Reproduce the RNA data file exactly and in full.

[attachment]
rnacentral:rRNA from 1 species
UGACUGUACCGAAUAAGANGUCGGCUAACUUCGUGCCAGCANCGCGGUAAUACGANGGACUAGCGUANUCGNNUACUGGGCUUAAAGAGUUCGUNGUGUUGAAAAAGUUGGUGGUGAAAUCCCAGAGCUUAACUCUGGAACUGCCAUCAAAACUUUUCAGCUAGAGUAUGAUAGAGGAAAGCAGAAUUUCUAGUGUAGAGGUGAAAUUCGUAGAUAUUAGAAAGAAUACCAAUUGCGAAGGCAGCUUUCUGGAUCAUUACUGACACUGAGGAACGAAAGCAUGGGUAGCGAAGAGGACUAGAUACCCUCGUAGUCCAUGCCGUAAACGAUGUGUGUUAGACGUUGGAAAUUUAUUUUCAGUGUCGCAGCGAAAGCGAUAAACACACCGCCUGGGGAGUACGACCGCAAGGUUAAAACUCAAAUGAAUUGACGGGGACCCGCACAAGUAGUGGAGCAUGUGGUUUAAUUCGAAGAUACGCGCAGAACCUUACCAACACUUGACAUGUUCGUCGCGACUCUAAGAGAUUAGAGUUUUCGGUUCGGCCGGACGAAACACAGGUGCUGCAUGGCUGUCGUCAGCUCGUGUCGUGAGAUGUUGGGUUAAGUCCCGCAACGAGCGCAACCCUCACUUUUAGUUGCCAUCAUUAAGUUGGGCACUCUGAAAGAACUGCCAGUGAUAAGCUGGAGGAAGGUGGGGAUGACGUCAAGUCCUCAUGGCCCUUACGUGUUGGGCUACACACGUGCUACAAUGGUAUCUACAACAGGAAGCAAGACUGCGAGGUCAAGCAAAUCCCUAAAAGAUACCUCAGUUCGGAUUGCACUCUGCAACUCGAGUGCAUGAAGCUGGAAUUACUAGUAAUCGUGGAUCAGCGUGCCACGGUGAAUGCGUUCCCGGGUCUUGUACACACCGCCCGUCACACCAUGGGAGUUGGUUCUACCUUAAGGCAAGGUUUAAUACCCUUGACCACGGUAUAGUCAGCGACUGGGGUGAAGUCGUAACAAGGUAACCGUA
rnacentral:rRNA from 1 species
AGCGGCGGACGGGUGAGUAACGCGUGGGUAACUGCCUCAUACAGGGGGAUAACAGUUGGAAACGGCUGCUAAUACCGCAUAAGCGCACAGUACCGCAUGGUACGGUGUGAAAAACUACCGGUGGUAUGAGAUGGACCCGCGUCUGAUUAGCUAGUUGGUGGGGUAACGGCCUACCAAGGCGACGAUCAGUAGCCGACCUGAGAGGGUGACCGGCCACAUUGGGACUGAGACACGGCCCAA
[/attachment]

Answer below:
rnacentral:rRNA from 1 species
UGACUGUACCGAAUAAGANGUCGGCUAACUUCGUGCCAGCANCGCGGUAAUACGANGGACUAGCGUANUCGNNUACUGGGCUUAAAGAGUUCGUNGUGUUGAAAAAGUUGGUGGUGAAAUCCCAGAGCUUAACUCUGGAACUGCCAUCAAAACUUUUCAGCUAGAGUAUGAUAGAGGAAAGCAGAAUUUCUAGUGUAGAGGUGAAAUUCGUAGAUAUUAGAAAGAAUACCAAUUGCGAAGGCAGCUUUCUGGAUCAUUACUGACACUGAGGAACGAAAGCAUGGGUAGCGAAGAGGACUAGAUACCCUCGUAGUCCAUGCCGUAAACGAUGUGUGUUAGACGUUGGAAAUUUAUUUUCAGUGUCGCAGCGAAAGCGAUAAACACACCGCCUGGGGAGUACGACCGCAAGGUUAAAACUCAAAUGAAUUGACGGGGACCCGCACAAGUAGUGGAGCAUGUGGUUUAAUUCGAAGAUACGCGCAGAACCUUACCAACACUUGACAUGUUCGUCGCGACUCUAAGAGAUUAGAGUUUUCGGUUCGGCCGGACGAAACACAGGUGCUGCAUGGCUGUCGUCAGCUCGUGUCGUGAGAUGUUGGGUUAAGUCCCGCAACGAGCGCAACCCUCACUUUUAGUUGCCAUCAUUAAGUUGGGCACUCUGAAAGAACUGCCAGUGAUAAGCUGGAGGAAGGUGGGGAUGACGUCAAGUCCUCAUGGCCCUUACGUGUUGGGCUACACACGUGCUACAAUGGUAUCUACAACAGGAAGCAAGACUGCGAGGUCAAGCAAAUCCCUAAAAGAUACCUCAGUUCGGAUUGCACUCUGCAACUCGAGUGCAUGAAGCUGGAAUUACUAGUAAUCGUGGAUCAGCGUGCCACGGUGAAUGCGUUCCCGGGUCUUGUACACACCGCCCGUCACACCAUGGGAGUUGGUUCUACCUUAAGGCAAGGUUUAAUACCCUUGACCACGGUAUAGUCAGCGACUGGGGUGAAGUCGUAACAAGGUAACCGUA
rnacentral:rRNA from 1 species
AGCGGCGGACGGGUGAGUAACGCGUGGGUAACUGCCUCAUACAGGGGGAUAACAGUUGGAAACGGCUGCUAAUACCGCAUAAGCGCACAGUACCGCAUGGUACGGUGUGAAAAACUACCGGUGGUAUGAGAUGGACCCGCGUCUGAUUAGCUAGUUGGUGGGGUAACGGCCUACCAAGGCGACGAUCAGUAGCCGACCUGAGAGGGUGACCGGCCACAUUGGGACUGAGACACGGCCCAA